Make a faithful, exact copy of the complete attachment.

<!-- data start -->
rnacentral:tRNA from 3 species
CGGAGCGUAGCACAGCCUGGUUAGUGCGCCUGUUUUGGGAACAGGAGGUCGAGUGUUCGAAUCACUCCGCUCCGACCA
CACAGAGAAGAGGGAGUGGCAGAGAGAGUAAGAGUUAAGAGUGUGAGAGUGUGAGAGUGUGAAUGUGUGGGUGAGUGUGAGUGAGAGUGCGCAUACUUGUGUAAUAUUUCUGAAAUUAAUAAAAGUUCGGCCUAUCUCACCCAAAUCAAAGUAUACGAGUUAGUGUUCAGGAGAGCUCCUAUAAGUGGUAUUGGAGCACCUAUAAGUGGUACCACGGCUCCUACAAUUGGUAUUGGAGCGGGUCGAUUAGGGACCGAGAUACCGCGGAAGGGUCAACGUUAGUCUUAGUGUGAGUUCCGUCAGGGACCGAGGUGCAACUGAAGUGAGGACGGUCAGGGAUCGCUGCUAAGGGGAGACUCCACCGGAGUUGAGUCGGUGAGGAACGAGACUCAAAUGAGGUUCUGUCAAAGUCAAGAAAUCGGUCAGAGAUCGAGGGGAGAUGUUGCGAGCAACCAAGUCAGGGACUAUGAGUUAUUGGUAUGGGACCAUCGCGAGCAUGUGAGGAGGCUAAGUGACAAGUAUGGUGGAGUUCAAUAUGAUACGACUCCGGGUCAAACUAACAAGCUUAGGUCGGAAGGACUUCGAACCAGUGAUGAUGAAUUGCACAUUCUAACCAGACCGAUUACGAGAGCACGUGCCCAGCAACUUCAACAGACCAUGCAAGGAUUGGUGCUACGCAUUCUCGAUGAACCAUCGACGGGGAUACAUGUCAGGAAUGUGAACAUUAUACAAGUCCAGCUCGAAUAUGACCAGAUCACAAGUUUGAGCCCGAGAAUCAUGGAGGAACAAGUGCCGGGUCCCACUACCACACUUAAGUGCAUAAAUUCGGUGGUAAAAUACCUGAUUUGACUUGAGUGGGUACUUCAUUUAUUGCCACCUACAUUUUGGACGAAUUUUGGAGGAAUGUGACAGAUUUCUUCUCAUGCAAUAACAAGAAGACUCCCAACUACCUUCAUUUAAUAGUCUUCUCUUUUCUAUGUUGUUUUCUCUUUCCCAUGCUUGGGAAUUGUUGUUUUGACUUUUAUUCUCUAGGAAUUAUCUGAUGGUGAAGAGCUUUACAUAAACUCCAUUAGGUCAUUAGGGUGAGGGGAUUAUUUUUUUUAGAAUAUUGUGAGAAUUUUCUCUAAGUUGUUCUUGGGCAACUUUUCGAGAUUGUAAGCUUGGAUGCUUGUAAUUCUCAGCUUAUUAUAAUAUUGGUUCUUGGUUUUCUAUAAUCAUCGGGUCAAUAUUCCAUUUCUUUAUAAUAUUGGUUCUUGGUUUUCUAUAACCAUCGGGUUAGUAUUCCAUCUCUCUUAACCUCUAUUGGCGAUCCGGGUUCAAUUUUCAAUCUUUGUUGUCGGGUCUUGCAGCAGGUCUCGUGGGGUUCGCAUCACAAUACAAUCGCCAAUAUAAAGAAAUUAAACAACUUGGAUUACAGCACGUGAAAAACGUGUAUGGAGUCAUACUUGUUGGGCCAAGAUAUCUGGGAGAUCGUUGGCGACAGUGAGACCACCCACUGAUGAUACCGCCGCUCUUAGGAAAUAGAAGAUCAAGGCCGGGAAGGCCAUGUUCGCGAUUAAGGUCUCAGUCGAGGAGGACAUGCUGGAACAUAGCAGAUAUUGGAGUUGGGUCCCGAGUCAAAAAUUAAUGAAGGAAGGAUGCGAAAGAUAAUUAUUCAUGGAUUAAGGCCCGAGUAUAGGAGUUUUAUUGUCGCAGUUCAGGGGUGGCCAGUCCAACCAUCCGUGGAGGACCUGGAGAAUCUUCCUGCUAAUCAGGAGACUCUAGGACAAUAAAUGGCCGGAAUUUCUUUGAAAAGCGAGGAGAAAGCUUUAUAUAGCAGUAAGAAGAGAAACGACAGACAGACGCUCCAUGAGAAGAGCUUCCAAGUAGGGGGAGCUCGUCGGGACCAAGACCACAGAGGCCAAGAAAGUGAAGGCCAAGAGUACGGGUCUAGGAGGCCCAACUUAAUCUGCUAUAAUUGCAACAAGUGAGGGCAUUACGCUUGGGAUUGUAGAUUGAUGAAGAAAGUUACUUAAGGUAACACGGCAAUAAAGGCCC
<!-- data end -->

rnacentral:tRNA from 3 species
CGGAGCGUAGCACAGCCUGGUUAGUGCGCCUGUUUUGGGAACAGGAGGUCGAGUGUUCGAAUCACUCCGCUCCGACCA
CACAGAGAAGAGGGAGUGGCAGAGAGAGUAAGAGUUAAGAGUGUGAGAGUGUGAGAGUGUGAAUGUGUGGGUGAGUGUGAGUGAGAGUGCGCAUACUUGUGUAAUAUUUCUGAAAUUAAUAAAAGUUCGGCCUAUCUCACCCAAAUCAAAGUAUACGAGUUAGUGUUCAGGAGAGCUCCUAUAAGUGGUAUUGGAGCACCUAUAAGUGGUACCACGGCUCCUACAAUUGGUAUUGGAGCGGGUCGAUUAGGGACCGAGAUACCGCGGAAGGGUCAACGUUAGUCUUAGUGUGAGUUCCGUCAGGGACCGAGGUGCAACUGAAGUGAGGACGGUCAGGGAUCGCUGCUAAGGGGAGACUCCACCGGAGUUGAGUCGGUGAGGAACGAGACUCAAAUGAGGUUCUGUCAAAGUCAAGAAAUCGGUCAGAGAUCGAGGGGAGAUGUUGCGAGCAACCAAGUCAGGGACUAUGAGUUAUUGGUAUGGGACCAUCGCGAGCAUGUGAGGAGGCUAAGUGACAAGUAUGGUGGAGUUCAAUAUGAUACGACUCCGGGUCAAACUAACAAGCUUAGGUCGGAAGGACUUCGAACCAGUGAUGAUGAAUUGCACAUUCUAACCAGACCGAUUACGAGAGCACGUGCCCAGCAACUUCAACAGACCAUGCAAGGAUUGGUGCUACGCAUUCUCGAUGAACCAUCGACGGGGAUACAUGUCAGGAAUGUGAACAUUAUACAAGUCCAGCUCGAAUAUGACCAGAUCACAAGUUUGAGCCCGAGAAUCAUGGAGGAACAAGUGCCGGGUCCCACUACCACACUUAAGUGCAUAAAUUCGGUGGUAAAAUACCUGAUUUGACUUGAGUGGGUACUUCAUUUAUUGCCACCUACAUUUUGGACGAAUUUUGGAGGAAUGUGACAGAUUUCUUCUCAUGCAAUAACAAGAAGACUCCCAACUACCUUCAUUUAAUAGUCUUCUCUUUUCUAUGUUGUUUUCUCUUUCCCAUGCUUGGGAAUUGUUGUUUUGACUUUUAUUCUCUAGGAAUUAUCUGAUGGUGAAGAGCUUUACAUAAACUCCAUUAGGUCAUUAGGGUGAGGGGAUUAUUUUUUUUAGAAUAUUGUGAGAAUUUUCUCUAAGUUGUUCUUGGGCAACUUUUCGAGAUUGUAAGCUUGGAUGCUUGUAAUUCUCAGCUUAUUAUAAUAUUGGUUCUUGGUUUUCUAUAAUCAUCGGGUCAAUAUUCCAUUUCUUUAUAAUAUUGGUUCUUGGUUUUCUAUAACCAUCGGGUUAGUAUUCCAUCUCUCUUAACCUCUAUUGGCGAUCCGGGUUCAAUUUUCAAUCUUUGUUGUCGGGUCUUGCAGCAGGUCUCGUGGGGUUCGCAUCACAAUACAAUCGCCAAUAUAAAGAAAUUAAACAACUUGGAUUACAGCACGUGAAAAACGUGUAUGGAGUCAUACUUGUUGGGCCAAGAUAUCUGGGAGAUCGUUGGCGACAGUGAGACCACCCACUGAUGAUACCGCCGCUCUUAGGAAAUAGAAGAUCAAGGCCGGGAAGGCCAUGUUCGCGAUUAAGGUCUCAGUCGAGGAGGACAUGCUGGAACAUAGCAGAUAUUGGAGUUGGGUCCCGAGUCAAAAAUUAAUGAAGGAAGGAUGCGAAAGAUAAUUAUUCAUGGAUUAAGGCCCGAGUAUAGGAGUUUUAUUGUCGCAGUUCAGGGGUGGCCAGUCCAACCAUCCGUGGAGGACCUGGAGAAUCUUCCUGCUAAUCAGGAGACUCUAGGACAAUAAAUGGCCGGAAUUUCUUUGAAAAGCGAGGAGAAAGCUUUAUAUAGCAGUAAGAAGAGAAACGACAGACAGACGCUCCAUGAGAAGAGCUUCCAAGUAGGGGGAGCUCGUCGGGACCAAGACCACAGAGGCCAAGAAAGUGAAGGCCAAGAGUACGGGUCUAGGAGGCCCAACUUAAUCUGCUAUAAUUGCAACAAGUGAGGGCAUUACGCUUGGGAUUGUAGAUUGAUGAAGAAAGUUACUUAAGGUAACACGGCAAUAAAGGCCC